Wed, 25 Jan 2023 17:47:00 GMT
Production company Biscuit Filmworks recently welcomed acclaimed filmmaker Lance Oppenheim to its roster of talent. Lance is renowned for crafting candy-coloured documentaries that blend nonfiction storytelling humour with heightened, cinematic formalism. Inspired by his favourite films growing up, which blurred the lines between fact and fiction, his films are layered with humanity and flourishes of the surreal.
Growing up in South Florida, Lance also absorbed the larger-than-life stories that would unfold around him, and on TV and in the local newspapers - starting his filmmaking journey from a young age. After becoming the youngest active contributor to The New York Times ‘Op-Docs’ and then a Sundance Ignite Fellow, he has been featured in Filmmaker Magazine's ‘25 New Faces of Independent Film’, and was named one of Forbes' ‘30 Under 30’ in 2022. His first feature ‘Some Kind of Heaven’ premiered at the 2020 Sundance Film Festival and was released by Magnolia Pictures and Hulu in 2021 to critical acclaim. The film was produced by Darren Aronofsky and The New York Times, one of the paper’s first feature-length film productions.
In the ad world, Lance has worked with brand clients including Google, Yahoo, Apple, Blizzard, Cox, and more. Now at Biscuit Filmworks, the director is looking forward to creating commercial work that combines his documentary and comedy sensibilities, as well as continuing his TV and feature projects.
Speaking to LBB’s Ben Conway, he discusses why Biscuit and its directors have been a source of inspiration during his career, why Florida is a state of mind and shares an upcoming project about direct-to-consumer sperm donation.
Lance> I've been a longtime fan of Biscuit and the work they've been making for a long time now. Joining a roster alongside many of my favourite directors is really thrilling to me. I remember first seeing Noam Murro's early work for Katz's Deli, where he managed to find laughs in a setup that blurred the line between truth and fiction. It was really ingenious. My hope for 2023 is to chase the feeling that I got when seeing those spots. To make work that combines documentary with comedy, and translates a lot of the visual sensibilities of my film and TV work, for the ad space.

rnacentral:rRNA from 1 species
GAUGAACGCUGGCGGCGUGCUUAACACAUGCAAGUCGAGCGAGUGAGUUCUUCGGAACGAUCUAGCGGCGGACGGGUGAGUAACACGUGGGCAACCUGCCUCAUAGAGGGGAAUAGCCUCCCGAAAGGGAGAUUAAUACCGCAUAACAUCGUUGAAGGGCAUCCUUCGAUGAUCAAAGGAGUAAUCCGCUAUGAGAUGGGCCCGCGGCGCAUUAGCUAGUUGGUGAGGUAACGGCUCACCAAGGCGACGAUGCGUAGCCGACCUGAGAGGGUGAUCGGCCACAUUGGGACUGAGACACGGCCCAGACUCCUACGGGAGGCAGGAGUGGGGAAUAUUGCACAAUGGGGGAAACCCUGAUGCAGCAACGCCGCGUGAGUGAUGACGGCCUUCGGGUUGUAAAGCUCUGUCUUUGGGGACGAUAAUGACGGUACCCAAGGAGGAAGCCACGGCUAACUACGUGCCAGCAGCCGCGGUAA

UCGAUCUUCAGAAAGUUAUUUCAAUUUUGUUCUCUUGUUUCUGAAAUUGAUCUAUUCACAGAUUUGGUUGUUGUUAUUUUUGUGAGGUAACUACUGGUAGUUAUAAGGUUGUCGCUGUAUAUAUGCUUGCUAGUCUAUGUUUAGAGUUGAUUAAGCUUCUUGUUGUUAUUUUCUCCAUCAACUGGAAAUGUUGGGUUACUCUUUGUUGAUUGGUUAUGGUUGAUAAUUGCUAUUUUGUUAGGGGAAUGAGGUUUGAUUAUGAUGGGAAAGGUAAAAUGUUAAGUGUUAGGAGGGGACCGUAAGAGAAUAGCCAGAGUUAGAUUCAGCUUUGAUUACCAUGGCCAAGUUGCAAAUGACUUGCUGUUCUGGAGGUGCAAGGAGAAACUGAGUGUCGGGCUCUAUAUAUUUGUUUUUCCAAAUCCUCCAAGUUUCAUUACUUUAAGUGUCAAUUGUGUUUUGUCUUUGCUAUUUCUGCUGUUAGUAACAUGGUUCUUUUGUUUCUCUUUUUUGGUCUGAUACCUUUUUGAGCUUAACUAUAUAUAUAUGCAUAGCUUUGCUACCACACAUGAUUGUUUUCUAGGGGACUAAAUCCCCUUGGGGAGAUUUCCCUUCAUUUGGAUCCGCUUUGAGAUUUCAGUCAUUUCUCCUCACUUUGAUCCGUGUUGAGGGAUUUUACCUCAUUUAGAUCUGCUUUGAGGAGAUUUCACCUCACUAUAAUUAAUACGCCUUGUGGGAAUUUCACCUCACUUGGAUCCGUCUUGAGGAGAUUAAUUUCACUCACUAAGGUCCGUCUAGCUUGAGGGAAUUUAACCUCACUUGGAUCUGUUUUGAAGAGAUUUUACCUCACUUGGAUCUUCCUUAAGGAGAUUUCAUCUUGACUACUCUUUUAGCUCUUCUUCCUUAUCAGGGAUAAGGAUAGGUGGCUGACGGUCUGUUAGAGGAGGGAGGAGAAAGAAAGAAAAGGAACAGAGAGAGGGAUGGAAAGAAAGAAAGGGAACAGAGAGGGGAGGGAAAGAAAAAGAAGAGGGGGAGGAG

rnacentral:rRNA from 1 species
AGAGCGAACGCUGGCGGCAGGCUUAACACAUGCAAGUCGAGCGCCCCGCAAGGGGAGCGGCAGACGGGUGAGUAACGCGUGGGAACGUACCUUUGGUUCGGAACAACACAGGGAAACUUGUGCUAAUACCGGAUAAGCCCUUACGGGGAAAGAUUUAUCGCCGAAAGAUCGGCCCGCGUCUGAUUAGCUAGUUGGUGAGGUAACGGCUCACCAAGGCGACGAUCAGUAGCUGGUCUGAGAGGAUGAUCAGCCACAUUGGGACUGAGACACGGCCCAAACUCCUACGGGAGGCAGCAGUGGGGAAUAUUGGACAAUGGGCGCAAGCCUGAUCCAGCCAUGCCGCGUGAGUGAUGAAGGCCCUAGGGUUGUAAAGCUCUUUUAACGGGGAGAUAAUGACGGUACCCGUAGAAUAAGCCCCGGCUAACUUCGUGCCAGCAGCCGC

Lance> I'm excited by the idea of creating docu-comedy spots - finding humour and poignancy in the everyday. Making polished, funny, and cinematic ads with real people, with formal, visual rigour.
Lance> I began making films as a teenager during the '08 recession in Florida. Florida was (and still is) upside down, and every story that I'd read in our local paper would put my brain in a blender. I knew I wanted to make movies. I was obsessed with movies that blurred the lines between documentaries and fiction, like Abbas Kiarostami's ‘Close-Up’ and Orson Welles' ‘F for Fake’. I also fell in love with Jonathan Glazer's ‘Sexy Beast’, Todd Haynes' ‘Safe’, Spike Jonze's ‘Adaptation’, and Cameron Crowe's ‘Vanilla Sky’… but I was also very self-conscious. I knew I didn't want to just rip off all of my favourite filmmakers in some half-baked, superficially explored idea. I figured if I had any chance in discovering my own voice it would be through telling someone else's story. So that's what I began doing, ripping stories out of the paper, and attempting to find my voice through the voices of others.
Lance> Florida attracts a large swath of people who are all escaping something. Cold weather. Taxes. So in that way, it's more of a ‘state of mind’.
Lance> When I find a world I'm interested in, I always start with images. I look to photographers who have inhabited similar spaces. I usually return to my favourites like Larry Sultan, Philip Lorca-diCorcia, and Joel Sternfeld. Then I begin writing.
Lance> The agency and client. While making an ad, you are the translator for someone else's vision. It's your job to translate it as best as you can, filtering your voice through the idea and space that many, many people have spent months toiling over.
Lance> Both projects are very different from one another - one is set in the largest renaissance festival in the country, and the other is in the world of direct-to-consumer sperm donation.
Lance> I was really fortunate to work with Google on a number of spots last year for their I/O presentation. My favourite project was titled Babelfish - and concerned a new technology the company is pioneering that allows for the real-time captioning of everyday life. Rather than focusing on an overtly tech-heavy demonstration, we chose to focus on a very intimate story of a mother and daughter who have never been fully able to connect due to a language barrier.
view more - The DirectorsLBB Editorial, Wed, 25 Jan 2023 17:47:00 GMT